Dr. Rebekah Louis’ DOE grant explores the possibility of certifying teacher supervisors
A hallmark of teacher preparation organizations, including the School of Education, are mentors in the profession and supervisors for pre-service teachers and novice educators who help to refine the teaching practice.
Though there are licenses and standards in place to ensure teachers themselves are fully qualified to lead in their classrooms, thus far there isn’t a model for certifying the skills of supervising practitioners and program supervisors who work closely with teacher candidates.
Dr. Rebekah Louis, lecturer in Special Education, received a grant from the Massachusetts Department of Education to implement a pilot Supervisor Certification program beginning this fall.
“The idea behind the program and the certification is to set a high bar for supervising practitioners and program supervisors,” Dr. Louis explained. “This certification would in turn provide a group of high quality professionals that all sponsoring organizations can draw upon to use as supervising practitioners of teachers in the field or program supervisors.”
The notion is that the certification would be an additional measure of merit that supervising practitioners and program supervisors could pursue, allowing them to demonstrate that they possess effective supervising skills such as how to develop action plans for teacher candidates, how to effectively supervise in the field, and how to give effective feedback.
“That’s probably the most important part of this work,” Dr. Louis said, “ensuring that supervisors are able to give impactful feedback that will help prepare high-quality educators.”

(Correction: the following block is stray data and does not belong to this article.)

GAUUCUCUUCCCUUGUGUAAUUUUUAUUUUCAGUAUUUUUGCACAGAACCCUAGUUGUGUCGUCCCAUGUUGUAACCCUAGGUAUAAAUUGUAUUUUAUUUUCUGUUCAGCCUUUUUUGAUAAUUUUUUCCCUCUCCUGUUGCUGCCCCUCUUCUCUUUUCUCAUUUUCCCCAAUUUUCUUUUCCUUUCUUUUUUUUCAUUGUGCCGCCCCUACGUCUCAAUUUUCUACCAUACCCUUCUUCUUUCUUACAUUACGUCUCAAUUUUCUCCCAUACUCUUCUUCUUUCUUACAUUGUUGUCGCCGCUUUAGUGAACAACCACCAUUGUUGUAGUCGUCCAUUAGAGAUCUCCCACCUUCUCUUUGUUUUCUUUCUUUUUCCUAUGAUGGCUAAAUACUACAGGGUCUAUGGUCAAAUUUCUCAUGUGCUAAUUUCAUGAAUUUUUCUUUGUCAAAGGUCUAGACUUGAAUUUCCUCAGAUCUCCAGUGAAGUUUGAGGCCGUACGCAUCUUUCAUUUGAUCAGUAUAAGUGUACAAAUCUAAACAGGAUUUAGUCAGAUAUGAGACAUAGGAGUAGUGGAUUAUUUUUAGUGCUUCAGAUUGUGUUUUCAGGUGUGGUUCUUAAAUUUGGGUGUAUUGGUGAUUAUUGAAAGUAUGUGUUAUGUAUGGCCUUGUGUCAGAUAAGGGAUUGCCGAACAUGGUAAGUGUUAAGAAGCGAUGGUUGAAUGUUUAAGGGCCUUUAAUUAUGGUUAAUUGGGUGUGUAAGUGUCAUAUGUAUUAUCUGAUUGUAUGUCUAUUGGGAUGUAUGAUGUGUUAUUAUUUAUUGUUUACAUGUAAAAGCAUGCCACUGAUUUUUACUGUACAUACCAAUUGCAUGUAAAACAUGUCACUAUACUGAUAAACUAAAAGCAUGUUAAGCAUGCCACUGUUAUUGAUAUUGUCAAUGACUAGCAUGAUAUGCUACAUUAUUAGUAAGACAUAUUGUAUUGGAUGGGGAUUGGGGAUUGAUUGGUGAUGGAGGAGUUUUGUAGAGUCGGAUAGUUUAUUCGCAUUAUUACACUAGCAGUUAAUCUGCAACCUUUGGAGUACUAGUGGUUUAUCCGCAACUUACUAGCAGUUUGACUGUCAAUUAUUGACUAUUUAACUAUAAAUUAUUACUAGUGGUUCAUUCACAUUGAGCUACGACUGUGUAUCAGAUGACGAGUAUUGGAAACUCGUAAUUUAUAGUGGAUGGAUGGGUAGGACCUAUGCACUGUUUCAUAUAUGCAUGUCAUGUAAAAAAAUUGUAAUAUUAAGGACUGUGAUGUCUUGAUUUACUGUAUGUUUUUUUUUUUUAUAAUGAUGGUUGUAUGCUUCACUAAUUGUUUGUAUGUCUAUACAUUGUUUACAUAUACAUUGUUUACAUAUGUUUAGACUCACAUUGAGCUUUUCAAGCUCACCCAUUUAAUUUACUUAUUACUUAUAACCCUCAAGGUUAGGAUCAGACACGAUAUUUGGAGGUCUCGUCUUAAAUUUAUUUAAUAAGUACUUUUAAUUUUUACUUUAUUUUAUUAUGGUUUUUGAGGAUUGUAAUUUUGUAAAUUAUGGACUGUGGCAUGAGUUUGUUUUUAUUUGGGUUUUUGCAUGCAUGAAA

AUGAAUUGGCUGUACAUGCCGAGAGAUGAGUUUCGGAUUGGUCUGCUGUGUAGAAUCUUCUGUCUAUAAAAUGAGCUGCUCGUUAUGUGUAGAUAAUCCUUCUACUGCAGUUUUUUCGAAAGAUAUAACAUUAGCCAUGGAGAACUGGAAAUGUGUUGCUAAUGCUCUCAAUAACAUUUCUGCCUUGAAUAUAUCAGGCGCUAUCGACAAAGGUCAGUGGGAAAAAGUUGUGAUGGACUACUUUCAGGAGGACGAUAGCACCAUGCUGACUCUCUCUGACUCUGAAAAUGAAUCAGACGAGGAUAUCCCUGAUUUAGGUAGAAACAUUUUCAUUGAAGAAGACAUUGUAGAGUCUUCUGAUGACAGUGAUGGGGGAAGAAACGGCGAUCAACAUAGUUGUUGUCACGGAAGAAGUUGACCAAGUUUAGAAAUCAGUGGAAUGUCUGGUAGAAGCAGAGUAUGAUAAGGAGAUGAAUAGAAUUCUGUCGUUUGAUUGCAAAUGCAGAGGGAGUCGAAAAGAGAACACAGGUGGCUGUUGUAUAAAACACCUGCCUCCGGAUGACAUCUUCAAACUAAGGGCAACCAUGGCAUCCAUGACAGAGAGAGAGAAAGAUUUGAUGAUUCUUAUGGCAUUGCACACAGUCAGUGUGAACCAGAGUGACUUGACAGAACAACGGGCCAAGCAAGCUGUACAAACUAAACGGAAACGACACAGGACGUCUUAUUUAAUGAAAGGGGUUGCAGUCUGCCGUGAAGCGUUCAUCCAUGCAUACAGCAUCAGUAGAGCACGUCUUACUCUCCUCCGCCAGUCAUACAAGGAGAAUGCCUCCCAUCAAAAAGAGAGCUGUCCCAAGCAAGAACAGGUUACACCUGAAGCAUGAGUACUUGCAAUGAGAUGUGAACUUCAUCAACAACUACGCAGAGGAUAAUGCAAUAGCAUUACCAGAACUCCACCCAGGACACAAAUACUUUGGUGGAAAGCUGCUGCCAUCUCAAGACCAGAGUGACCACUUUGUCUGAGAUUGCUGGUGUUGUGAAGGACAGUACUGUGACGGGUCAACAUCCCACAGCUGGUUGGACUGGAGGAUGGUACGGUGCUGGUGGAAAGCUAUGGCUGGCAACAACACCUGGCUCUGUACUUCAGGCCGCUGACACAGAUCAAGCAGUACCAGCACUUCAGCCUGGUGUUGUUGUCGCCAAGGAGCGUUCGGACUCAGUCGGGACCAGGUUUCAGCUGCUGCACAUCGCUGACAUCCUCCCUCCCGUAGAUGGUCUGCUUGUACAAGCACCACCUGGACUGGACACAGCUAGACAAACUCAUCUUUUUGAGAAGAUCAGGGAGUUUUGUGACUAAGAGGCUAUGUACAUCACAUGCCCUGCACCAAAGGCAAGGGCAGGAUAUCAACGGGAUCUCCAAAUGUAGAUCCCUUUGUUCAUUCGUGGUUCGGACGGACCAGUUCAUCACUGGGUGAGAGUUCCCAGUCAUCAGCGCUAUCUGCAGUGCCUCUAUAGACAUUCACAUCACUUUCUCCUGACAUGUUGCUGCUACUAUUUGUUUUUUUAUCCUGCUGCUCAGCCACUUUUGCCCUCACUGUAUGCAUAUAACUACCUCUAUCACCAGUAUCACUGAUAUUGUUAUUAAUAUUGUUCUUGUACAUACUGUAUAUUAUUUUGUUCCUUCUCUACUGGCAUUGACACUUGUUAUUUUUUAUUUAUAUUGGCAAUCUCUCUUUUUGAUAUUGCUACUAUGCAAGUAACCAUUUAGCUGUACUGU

During this pilot year of the certification program, Dr. Louis will work with 11 supervising practitioners—teachers in the field who host and mentor teacher candidates in their classroom throughout their student teaching semester— and nine program supervisors—faculty or other professionals who act as liaisons between teacher preparation organizations and partner schools. Program supervisors also ensure that teacher candidates are implementing practices learned in their courses, and meeting licensure standards. Five participants that Dr. Louis will work with are SED faculty.
“Throughout the year we’ll be documenting different aspects of supervision and then we’ll submit the documentation to the state to determine what makes a highly-qualified supervisor.”
The certification requires each participating supervisor to work with a teacher candidate either in the fall or the spring, document through video and reflection their experiences working with the teacher candidate, document feedback they’ve given the teacher candidate, videotape lessons of the teacher candidate, and then show their conversations with the candidate after the lesson to determine whether they’re providing effective feedback.
“There’s nothing like this in the country so far, and I would say that Massachusetts is pretty ahead of the curve in terms of thinking about the prospect of certifying supervisors,” Dr. Louis said. “It would be a great way to add another measure of quality to the field of education and teacher preparation.”
–By Lisa Randall